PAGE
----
The U.S. Supreme Court has agreed to hear Wisconsin Right to Life's challenge to application of McCain-Feingold to genuine issue ads run "too close" to a federal election or primary. WRTL sought to run ads urging Senators Kohl and Feingold to vote on the President's judicial nominees. McCain-Feingold prevents the use of the organization's general treasury funds for ads mentioning a candidate for federal office within thirty days of a primary or sixty days of a general election (if it is broadcast to an audience with more than a specified number of folks where the candidate is running).
Writing at the Election Law Blog, Prof. Rick Hasen thinks that this may begin to roll back the McCain-Feingold regime. He thinks this is a bad thing. I don't.
Campaign finance regulation that goes beyond disclosure to the placing limits on the extent to which persons and groups can communicate about an election or about the issues at a time when both candidates and the public are paying attention is a rather significant restriction on freedom of speech. I can't get past that.
I understand the argument that "spending money" is not speech, but this case is not about contributions to a candidate. It is about the ability of an advocacy group to communicate with the public at an appropriate time. If all the first amendment protects is our ability to stand on a tree stump and speak to whoever is within earshot, it doesn't protect much.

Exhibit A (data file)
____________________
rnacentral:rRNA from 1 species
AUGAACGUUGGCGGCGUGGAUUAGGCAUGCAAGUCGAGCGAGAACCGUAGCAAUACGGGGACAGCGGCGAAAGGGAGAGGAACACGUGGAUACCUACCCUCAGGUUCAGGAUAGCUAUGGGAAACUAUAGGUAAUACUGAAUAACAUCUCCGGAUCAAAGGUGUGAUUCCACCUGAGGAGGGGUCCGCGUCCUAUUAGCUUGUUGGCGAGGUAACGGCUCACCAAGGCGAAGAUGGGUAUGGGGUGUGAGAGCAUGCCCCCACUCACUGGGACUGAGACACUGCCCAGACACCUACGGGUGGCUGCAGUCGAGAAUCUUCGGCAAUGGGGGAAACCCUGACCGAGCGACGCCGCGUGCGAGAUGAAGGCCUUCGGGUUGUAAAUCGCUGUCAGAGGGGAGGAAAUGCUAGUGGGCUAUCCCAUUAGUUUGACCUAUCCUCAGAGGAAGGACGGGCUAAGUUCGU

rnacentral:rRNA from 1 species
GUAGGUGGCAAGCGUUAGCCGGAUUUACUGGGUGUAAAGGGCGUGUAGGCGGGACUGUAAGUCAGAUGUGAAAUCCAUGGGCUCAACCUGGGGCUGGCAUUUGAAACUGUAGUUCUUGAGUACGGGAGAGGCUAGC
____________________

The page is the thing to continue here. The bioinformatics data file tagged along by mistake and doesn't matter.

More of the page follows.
The tragedy of McCain-Feingold's restriction on speech is compounded by the fact that it has done exactly nothing to limit the supposedly corrupting influence of money that is spent on politics. The need to raise money is just as overwhelming and people with a lot of money to spend are just as important.
We've now had about thirty years experience with campaign finance reform and, while I think disclosure is important, limits on contributions and expenditures have done nothing to make our politics less corrupt or our candidates less driven by the need for cash. To the contrary, "reform" has made it harder (and much less attractive) for candidates without personal resources or who are not incumbents to run. Trying to raise enough money to run in the increments permitted by campaign finance laws is always extremely difficult and often offputting. There are lots of good people who won't run for public office because they do not want to spend a year of their lives begging for money.
Some folks, take Fighting Ed Garvey as an example, want public financing. This has a superficial appeal, but I have never heard anyone explain how it could be implemented without doing serious damage to the political process. Would you make it illegal for a candidate to spend more? Would you prohibit all independent expenditures? If you don't, the purpose of public financing is likely to be subverted. If you do (and if the courts permit it), you have undermined the first amendment in some very frightening ways.
Frightening, in particular, because we won't be able to give public money to everyone. The candidate who once came out of nowhere will now stay there.
Maybe there is a way to do it, but I have yet to hear it.
NOTE: An earlier version of this post did not make clear that the prohibition was on ads funded through general treasury funds of a corporation and union.